he online body-shaming trolls have been out in full force this week, offering unsolicited opinions on the bellies of not one, not two, but four well-known models who are moms-to-be: Blac Chyna, Candice Swanepoel, Tess Holliday, and Hannah Polites (of Australia).
Blac Chyna was the target of nasty comments when this photo turned up on a celebrity fan page. (Photo: Instagram)
The online body-shaming trolls have been out in full force this week, offering unsolicited opinions on the bellies of not one, not two, but four well-known models who are moms-to-be: Blac Chyna, Candice Swanepoel, Tess Holliday, and Hannah Polites (of Australia).
“I think I looked like that when I peed on the stick,” noted one of the commenters on Polites’s Instagram photo, in which she appears in a black bra and underwear with a barely there bump, noting that she is six months along in her pregnancy. Other choice comments include, “She’s tiny,” “I’m actually worried about the baby!” and “pregnant whe-re?”
Also in the shamed-for-being-thin-while-pregnant category was Swanepoel, the beloved Victoria’s Secret Angel, who posted a black-and-white photo on Wednesday to announce she would be having a boy. “Um, is she actually preggas?” asked one of the thousands of commenters (most of whom, in all fairness, complimented the model’s beauty). “That’s what I look like when I eat food,” noted another.
Hannah Polites brought out the haters by looking “tiny” in this six-months-pregnant shot. (Photo: Instagram)
On the other side of the discussion is Holliday, a U.K. plus-size model who posted arecent pregnant photo.
“Just because we’re plus size, doesn’t mean we have to prove that we’re healthy, just as someone who is smaller than us or average size doesn’t have to prove they are healthy,” wrote the size-26 Holliday, quoting herself f-rom a recent Telegraph profile. “‘We should be able to exist in our bodies. I am technically healthy but my body is no more valid than someone’s who isn’t.’ I was 7 months pregnant in these photos & loved every moment.” Many of her 1,200-plus commenters, however, disagreed, including the one who noted, “This is not a healthy weight no matter how long you shopped for a doctor to tell you that. You’re a mom your kids deserve for their mom to be healthy and there for the long haul.”
Tess Holliday, a size-26 model in the U.K., was pelted by criticism following her posting of the pregnancy photo. (Photo: Instagram)
Similarly, Chyna faced harsh criticism after a photo of her in a snug jumpsuit and out of makeup was posted on a celebrity-fan Instagram page. Commenters called her “huge,” “gross,” and “so ugly,” with one actually suggesting she “would get an a** reduction.”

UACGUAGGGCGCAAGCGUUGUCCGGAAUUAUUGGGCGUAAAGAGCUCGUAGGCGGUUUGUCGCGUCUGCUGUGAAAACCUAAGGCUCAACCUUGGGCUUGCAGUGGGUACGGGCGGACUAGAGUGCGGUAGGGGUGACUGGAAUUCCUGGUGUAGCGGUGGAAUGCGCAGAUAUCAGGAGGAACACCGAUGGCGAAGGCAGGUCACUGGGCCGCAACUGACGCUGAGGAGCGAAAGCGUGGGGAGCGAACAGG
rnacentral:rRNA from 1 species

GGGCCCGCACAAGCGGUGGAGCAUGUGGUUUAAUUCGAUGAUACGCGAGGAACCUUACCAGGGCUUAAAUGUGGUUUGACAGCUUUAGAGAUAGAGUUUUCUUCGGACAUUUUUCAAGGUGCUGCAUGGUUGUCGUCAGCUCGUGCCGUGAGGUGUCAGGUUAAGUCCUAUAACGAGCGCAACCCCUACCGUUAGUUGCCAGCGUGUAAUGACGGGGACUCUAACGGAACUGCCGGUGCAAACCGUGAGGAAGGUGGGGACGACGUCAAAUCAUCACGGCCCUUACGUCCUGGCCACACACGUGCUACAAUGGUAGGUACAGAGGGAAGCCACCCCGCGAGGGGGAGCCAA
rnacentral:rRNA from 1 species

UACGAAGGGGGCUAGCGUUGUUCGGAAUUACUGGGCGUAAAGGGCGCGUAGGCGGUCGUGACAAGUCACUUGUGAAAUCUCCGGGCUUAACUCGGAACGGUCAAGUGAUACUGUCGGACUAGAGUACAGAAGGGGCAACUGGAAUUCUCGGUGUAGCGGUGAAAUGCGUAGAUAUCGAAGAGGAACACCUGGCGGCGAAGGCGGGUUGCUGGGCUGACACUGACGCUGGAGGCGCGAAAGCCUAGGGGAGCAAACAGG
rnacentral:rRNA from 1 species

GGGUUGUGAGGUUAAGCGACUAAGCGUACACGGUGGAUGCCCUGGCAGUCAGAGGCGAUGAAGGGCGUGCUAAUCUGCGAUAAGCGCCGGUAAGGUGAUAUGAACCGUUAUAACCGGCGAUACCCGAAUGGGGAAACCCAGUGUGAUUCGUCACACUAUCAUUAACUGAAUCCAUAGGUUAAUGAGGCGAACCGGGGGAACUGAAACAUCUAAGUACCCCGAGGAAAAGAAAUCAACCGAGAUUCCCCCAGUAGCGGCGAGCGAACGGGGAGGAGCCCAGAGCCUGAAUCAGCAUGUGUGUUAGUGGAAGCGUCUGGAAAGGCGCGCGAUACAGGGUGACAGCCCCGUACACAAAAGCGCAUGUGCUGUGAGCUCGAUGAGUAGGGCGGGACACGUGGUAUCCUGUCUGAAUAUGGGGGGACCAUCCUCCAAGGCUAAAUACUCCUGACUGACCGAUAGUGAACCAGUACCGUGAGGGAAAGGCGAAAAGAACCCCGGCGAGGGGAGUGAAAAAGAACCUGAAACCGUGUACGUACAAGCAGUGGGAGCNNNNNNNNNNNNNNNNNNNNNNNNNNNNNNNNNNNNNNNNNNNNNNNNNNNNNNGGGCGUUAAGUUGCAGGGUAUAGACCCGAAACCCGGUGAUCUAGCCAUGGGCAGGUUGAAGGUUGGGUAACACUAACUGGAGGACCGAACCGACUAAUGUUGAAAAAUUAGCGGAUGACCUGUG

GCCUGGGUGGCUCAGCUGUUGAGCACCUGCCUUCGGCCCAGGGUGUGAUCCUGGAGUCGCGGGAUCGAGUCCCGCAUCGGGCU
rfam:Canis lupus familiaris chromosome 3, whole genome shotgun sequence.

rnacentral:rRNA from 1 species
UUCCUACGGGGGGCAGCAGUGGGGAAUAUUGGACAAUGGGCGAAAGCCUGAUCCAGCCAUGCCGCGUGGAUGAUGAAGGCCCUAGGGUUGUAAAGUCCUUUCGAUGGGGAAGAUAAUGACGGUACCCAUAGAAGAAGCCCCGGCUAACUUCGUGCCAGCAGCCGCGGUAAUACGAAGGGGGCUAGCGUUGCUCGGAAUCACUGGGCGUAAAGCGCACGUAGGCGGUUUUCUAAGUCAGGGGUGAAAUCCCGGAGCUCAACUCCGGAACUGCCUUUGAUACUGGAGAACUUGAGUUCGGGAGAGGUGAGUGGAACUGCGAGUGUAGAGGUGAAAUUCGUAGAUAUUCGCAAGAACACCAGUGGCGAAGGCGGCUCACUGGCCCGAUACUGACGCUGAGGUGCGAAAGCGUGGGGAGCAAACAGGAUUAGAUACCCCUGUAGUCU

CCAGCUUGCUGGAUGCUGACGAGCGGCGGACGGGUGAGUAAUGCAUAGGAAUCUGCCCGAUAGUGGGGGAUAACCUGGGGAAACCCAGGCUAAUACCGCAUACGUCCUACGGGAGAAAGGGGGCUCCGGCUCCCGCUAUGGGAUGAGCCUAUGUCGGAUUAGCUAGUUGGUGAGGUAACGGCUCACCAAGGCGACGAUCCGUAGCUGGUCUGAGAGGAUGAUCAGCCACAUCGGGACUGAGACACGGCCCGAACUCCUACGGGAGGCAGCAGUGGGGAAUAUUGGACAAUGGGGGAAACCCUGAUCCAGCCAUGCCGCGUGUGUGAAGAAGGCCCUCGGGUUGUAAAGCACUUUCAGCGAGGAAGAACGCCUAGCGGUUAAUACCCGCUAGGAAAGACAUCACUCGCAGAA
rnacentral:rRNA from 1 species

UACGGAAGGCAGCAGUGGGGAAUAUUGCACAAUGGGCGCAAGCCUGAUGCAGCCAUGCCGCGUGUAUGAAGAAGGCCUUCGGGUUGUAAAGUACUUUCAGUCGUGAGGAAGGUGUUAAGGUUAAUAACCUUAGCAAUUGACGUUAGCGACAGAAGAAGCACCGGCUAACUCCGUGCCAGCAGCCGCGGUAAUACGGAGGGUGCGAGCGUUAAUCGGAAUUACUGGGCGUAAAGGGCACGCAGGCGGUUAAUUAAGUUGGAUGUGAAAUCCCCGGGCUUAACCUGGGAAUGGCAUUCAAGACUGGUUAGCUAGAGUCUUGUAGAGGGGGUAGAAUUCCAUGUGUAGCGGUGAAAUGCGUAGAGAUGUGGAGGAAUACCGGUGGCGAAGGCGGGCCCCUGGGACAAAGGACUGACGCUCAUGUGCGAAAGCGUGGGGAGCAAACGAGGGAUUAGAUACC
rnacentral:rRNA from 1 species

But the future wife of Rob Kardashian shot back with a comment of her own: “To all you people out there with negative comments and insecure words (obviously because you have nothing else to do but criticize the next), I AM HAVING A BABY! Exactly what do you expect to see?! If I walked out in makeup and heels everyday to be beautiful to your means I WOULD BE MISERABLE AND UNHAPPY which are two vibes I refuse to transfer to my little one.”
Model Candice Swanepoel announced that she was having a boy by posting this photo on Wednesday, bringing out mostly supportive comments but plenty of unnecessary mentions of her body size. (Photo: Instagram)
Nasty size comments directed at pregnant women can be particularly damaging, according to Claire Mysko, CEO of the National Eating Disorders Association and the author of Does This Pregnancy Make Me Look Fat?: The Essential Guide to Loving Your Body Before and After Baby. “Pregnancy is always a time of such vulnerability and insecurity for so many women, so it makes these types of comments even more toxic,” she tells Yahoo Beauty. “Women are generally given the message that their physical appearance is somehow connected to their self-worth, and that can be really amplified during pregnancy.” Having your weight criticized, especially so publicly, can lead to self-esteem issues, Mysko adds, and for women already facing troubles with body image or disordered eating, she says, “it can be triggering for some much deeper issues.”
The criticisms are toxic “across the board,” whether they deem someone to be too big or too small, she says — but she makes a point to acknowledge that those who are a larger size face additional stress. “It’s important to acknowledge that weight stigma and weight discrimination are real, and documented, so there’s an added layer that we don’t see in women of smaller weight,” Mysko says.
Bottom line? Ditch the negativity. And consider following the advice of this pro-Chyna commenter: “Some people can be so mean, wow, so many unwanted and unneeded opinions. Like she really cares what you guys have to say? Just worry about yourself and stop leaving stupid comments. If you can’t say nothing nice, don’t say it at all, haters.”